Belfast Telegraph

We need to be more aware of meningitis, says man who fought it twice

Barry Patrick is thankful to be still around after his two run-ins with meningitis
Barry Patrick is thankful to be still around after his two run-ins with meningitis

By Gillian Halliday

A man who has beaten meningitis twice has urged people to be more aware of the potentially deadly condition.

Barry Patrick was speaking out on World Meningitis Day.

The 50-year-old Belfast man is a volunteer for the Meningitis Now charity, which offers support to those affected by the disease as well as funding research.

Mr Patrick first developed meningitis in September 2015 after undergoing ear surgery.

He recalled: "I had been warned that one of the risks of surgery was contracting meningitis.

"But you never think it's going to happen to you, do you?

"I was tired and sluggish for several weeks afterwards."

His second scare was exactly a year later.

He was feeling very tired and took a nap, but soon realised his symptoms were much more serious.

His decision to dial 999 was a crucial one.

He explained: "Later that afternoon, I woke up with the same crushing headache, and started vomiting again. I knew the meningitis had returned.

"Something made me dial 999 and call for an ambulance instead of calling my doctor. Considering how critically ill I became, I believe this action saved my life. I honestly believe that if I'd had to wait for a doctor to come out to me, I wouldn't have survived."

He added: "Later I was told that my sisters had been told by doctors that they didn't think I was going to survive.

"And if I did survive that I could well have brain damage, paralysis, hearing loss, sight loss, learning difficulties and behavioural problems."

Mr Patrick said he was speaking out to highlight the bravery of fellow survivors, as well as those who have lost loved ones to meningitis.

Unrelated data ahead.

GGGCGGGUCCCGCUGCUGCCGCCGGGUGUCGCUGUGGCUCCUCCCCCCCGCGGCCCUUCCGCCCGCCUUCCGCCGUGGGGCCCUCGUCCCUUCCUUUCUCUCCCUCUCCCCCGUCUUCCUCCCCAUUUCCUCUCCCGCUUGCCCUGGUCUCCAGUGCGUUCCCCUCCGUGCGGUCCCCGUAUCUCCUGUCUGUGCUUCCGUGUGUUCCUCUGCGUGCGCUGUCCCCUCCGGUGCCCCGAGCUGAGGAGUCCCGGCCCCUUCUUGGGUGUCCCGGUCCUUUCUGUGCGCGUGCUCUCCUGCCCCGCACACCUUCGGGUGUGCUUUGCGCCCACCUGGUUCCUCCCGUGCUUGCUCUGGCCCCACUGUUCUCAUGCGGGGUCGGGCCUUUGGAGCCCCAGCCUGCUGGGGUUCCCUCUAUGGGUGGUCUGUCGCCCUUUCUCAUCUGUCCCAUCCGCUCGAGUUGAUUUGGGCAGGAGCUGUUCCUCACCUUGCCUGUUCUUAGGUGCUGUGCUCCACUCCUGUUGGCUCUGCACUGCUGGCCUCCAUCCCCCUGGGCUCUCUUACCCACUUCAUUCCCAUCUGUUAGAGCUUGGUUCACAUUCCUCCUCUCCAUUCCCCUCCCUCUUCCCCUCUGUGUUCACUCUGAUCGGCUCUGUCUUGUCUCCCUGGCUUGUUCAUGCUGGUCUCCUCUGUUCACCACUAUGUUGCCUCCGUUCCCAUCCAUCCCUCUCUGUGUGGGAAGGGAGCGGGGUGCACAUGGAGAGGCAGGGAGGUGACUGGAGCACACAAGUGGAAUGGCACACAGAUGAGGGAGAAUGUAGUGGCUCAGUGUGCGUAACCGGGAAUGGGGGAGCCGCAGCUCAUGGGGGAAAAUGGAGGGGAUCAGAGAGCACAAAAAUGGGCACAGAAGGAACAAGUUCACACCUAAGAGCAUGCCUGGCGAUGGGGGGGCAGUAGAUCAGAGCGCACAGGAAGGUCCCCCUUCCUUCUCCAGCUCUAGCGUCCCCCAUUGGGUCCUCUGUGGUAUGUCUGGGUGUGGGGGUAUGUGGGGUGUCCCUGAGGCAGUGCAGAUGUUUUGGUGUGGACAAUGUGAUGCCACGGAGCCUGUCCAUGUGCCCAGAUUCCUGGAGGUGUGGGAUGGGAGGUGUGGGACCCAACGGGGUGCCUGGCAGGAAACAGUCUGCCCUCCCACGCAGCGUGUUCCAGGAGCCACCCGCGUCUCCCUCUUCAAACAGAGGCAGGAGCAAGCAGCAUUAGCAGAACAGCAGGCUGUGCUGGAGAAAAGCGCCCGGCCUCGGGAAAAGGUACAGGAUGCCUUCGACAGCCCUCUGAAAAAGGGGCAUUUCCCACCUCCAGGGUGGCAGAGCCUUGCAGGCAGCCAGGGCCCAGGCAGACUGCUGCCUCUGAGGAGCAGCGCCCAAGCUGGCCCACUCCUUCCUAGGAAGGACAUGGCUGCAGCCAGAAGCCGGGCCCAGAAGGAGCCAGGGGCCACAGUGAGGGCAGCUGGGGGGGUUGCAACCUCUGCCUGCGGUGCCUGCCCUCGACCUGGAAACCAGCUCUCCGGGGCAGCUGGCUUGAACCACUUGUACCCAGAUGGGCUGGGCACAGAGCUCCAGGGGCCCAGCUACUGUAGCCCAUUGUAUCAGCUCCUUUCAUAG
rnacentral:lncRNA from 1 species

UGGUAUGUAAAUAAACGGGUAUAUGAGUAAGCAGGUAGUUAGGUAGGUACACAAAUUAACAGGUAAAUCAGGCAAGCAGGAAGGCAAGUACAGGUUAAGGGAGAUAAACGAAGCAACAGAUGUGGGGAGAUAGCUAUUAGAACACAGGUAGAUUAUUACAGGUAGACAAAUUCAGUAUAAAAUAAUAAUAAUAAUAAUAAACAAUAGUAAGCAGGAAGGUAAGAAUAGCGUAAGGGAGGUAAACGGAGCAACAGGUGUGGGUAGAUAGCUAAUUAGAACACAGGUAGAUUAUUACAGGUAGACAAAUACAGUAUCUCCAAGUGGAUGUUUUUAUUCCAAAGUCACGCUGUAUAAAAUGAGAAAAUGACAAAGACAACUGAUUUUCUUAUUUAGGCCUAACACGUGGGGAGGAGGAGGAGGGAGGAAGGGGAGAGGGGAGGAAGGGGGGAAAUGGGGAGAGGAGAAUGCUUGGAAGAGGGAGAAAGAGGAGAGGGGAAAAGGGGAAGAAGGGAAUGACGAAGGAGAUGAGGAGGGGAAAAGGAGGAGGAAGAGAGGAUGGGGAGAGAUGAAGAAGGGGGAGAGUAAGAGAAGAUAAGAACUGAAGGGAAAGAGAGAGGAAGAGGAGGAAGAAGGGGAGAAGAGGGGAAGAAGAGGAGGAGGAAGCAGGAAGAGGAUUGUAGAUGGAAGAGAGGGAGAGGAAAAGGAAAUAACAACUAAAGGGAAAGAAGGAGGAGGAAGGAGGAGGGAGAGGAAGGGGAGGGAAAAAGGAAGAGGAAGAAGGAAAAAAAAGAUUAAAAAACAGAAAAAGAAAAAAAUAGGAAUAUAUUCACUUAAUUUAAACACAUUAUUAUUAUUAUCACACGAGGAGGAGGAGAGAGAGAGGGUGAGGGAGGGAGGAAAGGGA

He added: "By telling my story, raising awareness of the signs and symptoms and increasing vaccine knowledge, I can raise the profile of this devastating disease.

"Meningitis can wreck lives and it's vital that everybody understands how serious it can be for individuals and families. That's why I'm supporting World Meningitis Day."

Mr Patrick said charities like Meningitis Now are vital.

He added: "I honestly believe that had it not been for charities like Meningitis Now, researching into treatments and vaccines for the various types of meningitis, I would not be here today."

Around 22 cases of meningitis occur each day across the UK. The disease can strike in hours, and can leave suffers with lasting after-effects such as deafness, limb loss and brain damage.

Dr Tom Nutt, Meningitis Now chief executive, said World Meningitis Day is an opportunity to showcase the bravery of meningitis survivors and those who have lost a loved one.

"On World Meningitis Day, as on every other day, we are here to help and support those who need us," he said.

"We're not about quick fixes; we're here to provide tailored support with long-term impact that will really help people and families to rebuild their lives after meningitis."

Further information can be found via www.meningitisnow.org. The charity's helpline can be contacted by dialling 0808 80 10 388.

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